We know that the value of art is priceless. Unfortunately, a lot of businesspeople, elected officials, investors and their advisors don’t see it that way. If you want to influence these people, it helps to talk about the arts in ways they can understand. This workshop will help you make more persuasive arguments. Specifically, you can explore:
*How those involved in local economic development think about issues affecting standards of living in communities, and how they measure success
*The levers of influence in communities – from individuals to institutions. In other words – how things change – or don’t – in communities
*The sources of funding for local economic development projects
*How nearby communities have engaged arts to address local economic development issues.
Building Teams for Creative Placemaking
Instructor: Leonardo Vazquez, AICP
As Geraldine R. Dodge President Chris Daggett has said, “The hardest part of collaboration is collaborating.” This workshop focuses on building sustainable and high-performing teams for creative placemaking. Participants will learn how teams go from starting off as a group of people with different agendas to a team with a shared mission and views on how to move forward. Participants will also learn the methods of Community Coaching, a team-building and planning tool that has been used in 15 communities in New Jersey and Louisiana.

Creative Community Engagement
Instructor: Leonardo Vazquez, AICP
Tired of traditional community meetings? A lot of people in the community are too. This workshop explores artistic and fun ways to engage community members. Participants will learn about easy ways to create community models, photo-voice, visual notetaking, role-playing and other methods of engaging audiences. Participants will learn how to use these methods to get critical knowledge about communities, build consensus, or generate enthusiasm.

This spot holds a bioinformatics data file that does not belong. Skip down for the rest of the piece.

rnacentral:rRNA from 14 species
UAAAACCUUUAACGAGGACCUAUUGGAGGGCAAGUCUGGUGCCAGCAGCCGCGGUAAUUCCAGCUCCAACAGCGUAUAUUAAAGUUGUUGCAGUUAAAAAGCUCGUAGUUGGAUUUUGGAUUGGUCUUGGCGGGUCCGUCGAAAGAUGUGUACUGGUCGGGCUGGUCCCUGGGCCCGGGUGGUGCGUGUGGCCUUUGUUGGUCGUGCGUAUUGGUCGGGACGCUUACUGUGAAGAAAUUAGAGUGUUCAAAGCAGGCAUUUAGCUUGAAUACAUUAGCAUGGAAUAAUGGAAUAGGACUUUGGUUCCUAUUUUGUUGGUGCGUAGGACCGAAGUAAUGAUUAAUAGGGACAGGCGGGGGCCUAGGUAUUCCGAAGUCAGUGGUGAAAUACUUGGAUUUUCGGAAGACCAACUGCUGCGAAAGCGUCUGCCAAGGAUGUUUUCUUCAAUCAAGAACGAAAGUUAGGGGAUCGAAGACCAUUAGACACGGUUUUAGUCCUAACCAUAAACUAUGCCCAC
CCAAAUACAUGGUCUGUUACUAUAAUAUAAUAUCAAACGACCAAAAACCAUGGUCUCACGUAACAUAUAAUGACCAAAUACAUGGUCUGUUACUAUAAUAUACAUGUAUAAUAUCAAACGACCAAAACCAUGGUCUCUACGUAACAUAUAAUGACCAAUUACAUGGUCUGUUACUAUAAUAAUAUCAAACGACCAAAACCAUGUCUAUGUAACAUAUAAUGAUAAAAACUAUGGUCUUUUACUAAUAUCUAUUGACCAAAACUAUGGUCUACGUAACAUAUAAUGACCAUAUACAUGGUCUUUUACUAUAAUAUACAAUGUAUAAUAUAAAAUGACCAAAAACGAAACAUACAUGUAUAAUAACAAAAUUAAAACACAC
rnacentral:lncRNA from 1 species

Creating Community Murals
Instructors: Kadie Dempsey and Dan Fenelon
(note: no arts training is required) Murals can be important tools for bringing people together and building civic pride. Or they could just be paintings that come people like and others hate. The difference is how they’re done.
You will learn how to plan and manage a marling project that engages community members and works to support planning and creative placemaking efforts. You will get hands-on training by working on an actual mural in class.

Creating Public Art
Instructors: Kadie Dempsey and Dan Fenelon
A piece of public art can be a creative beacon that connects an entire community. Or it could be just another object on the sidewalk that some people, some people hate, and too many ignore. The difference often is about how it's designed, who's involved, and who's making what decisions.
This workshop will help you design and develop true community-guided public art initiatives. You will learn all steps of the process, from idea creation through site selection to installation.
Instructor: Leonardo Vazquez, AICP
Taking stock of your existing assets and opportunities can help you do more cost-effective creative placemaking. You will learn how to read a community for ‘hidden’ creative assets and opportunity sites. You will also learn how to engage stakeholders in crowd mapping and how to build better creative placemaking strategies from your maps.